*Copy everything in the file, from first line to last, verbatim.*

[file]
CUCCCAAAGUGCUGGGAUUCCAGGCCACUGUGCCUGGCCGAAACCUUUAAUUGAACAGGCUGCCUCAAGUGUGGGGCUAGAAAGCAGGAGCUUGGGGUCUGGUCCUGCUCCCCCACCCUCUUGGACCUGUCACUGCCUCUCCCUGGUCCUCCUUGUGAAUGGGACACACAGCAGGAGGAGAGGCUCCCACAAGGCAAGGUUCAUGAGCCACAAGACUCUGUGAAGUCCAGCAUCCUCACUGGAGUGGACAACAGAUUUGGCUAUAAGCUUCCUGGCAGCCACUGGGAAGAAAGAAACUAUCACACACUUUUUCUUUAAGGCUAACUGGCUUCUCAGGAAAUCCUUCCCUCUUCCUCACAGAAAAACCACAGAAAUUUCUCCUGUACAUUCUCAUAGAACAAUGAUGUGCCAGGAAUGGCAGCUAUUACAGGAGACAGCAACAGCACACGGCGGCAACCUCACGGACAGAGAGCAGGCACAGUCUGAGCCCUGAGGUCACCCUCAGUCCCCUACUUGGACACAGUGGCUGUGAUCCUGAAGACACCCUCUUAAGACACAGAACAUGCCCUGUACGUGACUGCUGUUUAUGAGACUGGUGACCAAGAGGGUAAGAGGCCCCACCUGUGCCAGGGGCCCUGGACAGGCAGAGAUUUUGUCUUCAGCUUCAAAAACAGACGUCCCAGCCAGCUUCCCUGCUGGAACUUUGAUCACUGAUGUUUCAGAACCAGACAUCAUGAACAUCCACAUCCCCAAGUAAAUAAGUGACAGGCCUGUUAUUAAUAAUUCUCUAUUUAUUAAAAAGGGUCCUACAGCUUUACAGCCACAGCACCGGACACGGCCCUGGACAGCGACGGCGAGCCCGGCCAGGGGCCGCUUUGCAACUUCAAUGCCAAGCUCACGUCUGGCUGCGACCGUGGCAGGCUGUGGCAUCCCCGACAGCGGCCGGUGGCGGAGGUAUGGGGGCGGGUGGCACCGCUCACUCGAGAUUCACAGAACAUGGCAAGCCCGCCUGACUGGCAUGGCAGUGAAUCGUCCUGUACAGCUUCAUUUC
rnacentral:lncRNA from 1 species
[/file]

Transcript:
CUCCCAAAGUGCUGGGAUUCCAGGCCACUGUGCCUGGCCGAAACCUUUAAUUGAACAGGCUGCCUCAAGUGUGGGGCUAGAAAGCAGGAGCUUGGGGUCUGGUCCUGCUCCCCCACCCUCUUGGACCUGUCACUGCCUCUCCCUGGUCCUCCUUGUGAAUGGGACACACAGCAGGAGGAGAGGCUCCCACAAGGCAAGGUUCAUGAGCCACAAGACUCUGUGAAGUCCAGCAUCCUCACUGGAGUGGACAACAGAUUUGGCUAUAAGCUUCCUGGCAGCCACUGGGAAGAAAGAAACUAUCACACACUUUUUCUUUAAGGCUAACUGGCUUCUCAGGAAAUCCUUCCCUCUUCCUCACAGAAAAACCACAGAAAUUUCUCCUGUACAUUCUCAUAGAACAAUGAUGUGCCAGGAAUGGCAGCUAUUACAGGAGACAGCAACAGCACACGGCGGCAACCUCACGGACAGAGAGCAGGCACAGUCUGAGCCCUGAGGUCACCCUCAGUCCCCUACUUGGACACAGUGGCUGUGAUCCUGAAGACACCCUCUUAAGACACAGAACAUGCCCUGUACGUGACUGCUGUUUAUGAGACUGGUGACCAAGAGGGUAAGAGGCCCCACCUGUGCCAGGGGCCCUGGACAGGCAGAGAUUUUGUCUUCAGCUUCAAAAACAGACGUCCCAGCCAGCUUCCCUGCUGGAACUUUGAUCACUGAUGUUUCAGAACCAGACAUCAUGAACAUCCACAUCCCCAAGUAAAUAAGUGACAGGCCUGUUAUUAAUAAUUCUCUAUUUAUUAAAAAGGGUCCUACAGCUUUACAGCCACAGCACCGGACACGGCCCUGGACAGCGACGGCGAGCCCGGCCAGGGGCCGCUUUGCAACUUCAAUGCCAAGCUCACGUCUGGCUGCGACCGUGGCAGGCUGUGGCAUCCCCGACAGCGGCCGGUGGCGGAGGUAUGGGGGCGGGUGGCACCGCUCACUCGAGAUUCACAGAACAUGGCAAGCCCGCCUGACUGGCAUGGCAGUGAAUCGUCCUGUACAGCUUCAUUUC
rnacentral:lncRNA from 1 species